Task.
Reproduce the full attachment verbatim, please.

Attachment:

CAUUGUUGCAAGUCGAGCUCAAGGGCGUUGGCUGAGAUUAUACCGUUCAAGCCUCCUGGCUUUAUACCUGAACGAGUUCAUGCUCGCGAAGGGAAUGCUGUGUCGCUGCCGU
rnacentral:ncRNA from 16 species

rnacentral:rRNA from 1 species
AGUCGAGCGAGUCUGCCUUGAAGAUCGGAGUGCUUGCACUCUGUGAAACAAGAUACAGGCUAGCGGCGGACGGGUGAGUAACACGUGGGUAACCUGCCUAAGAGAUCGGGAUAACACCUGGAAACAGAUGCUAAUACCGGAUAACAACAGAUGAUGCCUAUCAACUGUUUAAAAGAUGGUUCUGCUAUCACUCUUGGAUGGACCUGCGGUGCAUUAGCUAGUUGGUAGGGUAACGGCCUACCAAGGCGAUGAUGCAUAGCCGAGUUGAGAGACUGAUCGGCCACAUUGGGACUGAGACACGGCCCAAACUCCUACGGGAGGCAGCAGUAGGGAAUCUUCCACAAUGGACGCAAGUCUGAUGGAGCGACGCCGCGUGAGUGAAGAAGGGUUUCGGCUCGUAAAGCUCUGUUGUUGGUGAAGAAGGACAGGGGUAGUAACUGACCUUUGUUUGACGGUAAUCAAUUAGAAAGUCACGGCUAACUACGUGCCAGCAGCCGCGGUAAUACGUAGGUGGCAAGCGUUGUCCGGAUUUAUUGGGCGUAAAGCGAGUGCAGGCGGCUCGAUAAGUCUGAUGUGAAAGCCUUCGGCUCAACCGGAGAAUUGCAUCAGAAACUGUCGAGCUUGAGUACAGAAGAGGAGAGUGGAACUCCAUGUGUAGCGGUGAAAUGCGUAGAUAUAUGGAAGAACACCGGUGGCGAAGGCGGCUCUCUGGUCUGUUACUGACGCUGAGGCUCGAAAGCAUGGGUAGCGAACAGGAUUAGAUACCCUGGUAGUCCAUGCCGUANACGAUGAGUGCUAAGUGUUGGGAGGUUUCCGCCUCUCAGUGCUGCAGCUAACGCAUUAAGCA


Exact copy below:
CAUUGUUGCAAGUCGAGCUCAAGGGCGUUGGCUGAGAUUAUACCGUUCAAGCCUCCUGGCUUUAUACCUGAACGAGUUCAUGCUCGCGAAGGGAAUGCUGUGUCGCUGCCGU
rnacentral:ncRNA from 16 species

rnacentral:rRNA from 1 species
AGUCGAGCGAGUCUGCCUUGAAGAUCGGAGUGCUUGCACUCUGUGAAACAAGAUACAGGCUAGCGGCGGACGGGUGAGUAACACGUGGGUAACCUGCCUAAGAGAUCGGGAUAACACCUGGAAACAGAUGCUAAUACCGGAUAACAACAGAUGAUGCCUAUCAACUGUUUAAAAGAUGGUUCUGCUAUCACUCUUGGAUGGACCUGCGGUGCAUUAGCUAGUUGGUAGGGUAACGGCCUACCAAGGCGAUGAUGCAUAGCCGAGUUGAGAGACUGAUCGGCCACAUUGGGACUGAGACACGGCCCAAACUCCUACGGGAGGCAGCAGUAGGGAAUCUUCCACAAUGGACGCAAGUCUGAUGGAGCGACGCCGCGUGAGUGAAGAAGGGUUUCGGCUCGUAAAGCUCUGUUGUUGGUGAAGAAGGACAGGGGUAGUAACUGACCUUUGUUUGACGGUAAUCAAUUAGAAAGUCACGGCUAACUACGUGCCAGCAGCCGCGGUAAUACGUAGGUGGCAAGCGUUGUCCGGAUUUAUUGGGCGUAAAGCGAGUGCAGGCGGCUCGAUAAGUCUGAUGUGAAAGCCUUCGGCUCAACCGGAGAAUUGCAUCAGAAACUGUCGAGCUUGAGUACAGAAGAGGAGAGUGGAACUCCAUGUGUAGCGGUGAAAUGCGUAGAUAUAUGGAAGAACACCGGUGGCGAAGGCGGCUCUCUGGUCUGUUACUGACGCUGAGGCUCGAAAGCAUGGGUAGCGAACAGGAUUAGAUACCCUGGUAGUCCAUGCCGUANACGAUGAGUGCUAAGUGUUGGGAGGUUUCCGCCUCUCAGUGCUGCAGCUAACGCAUUAAGCA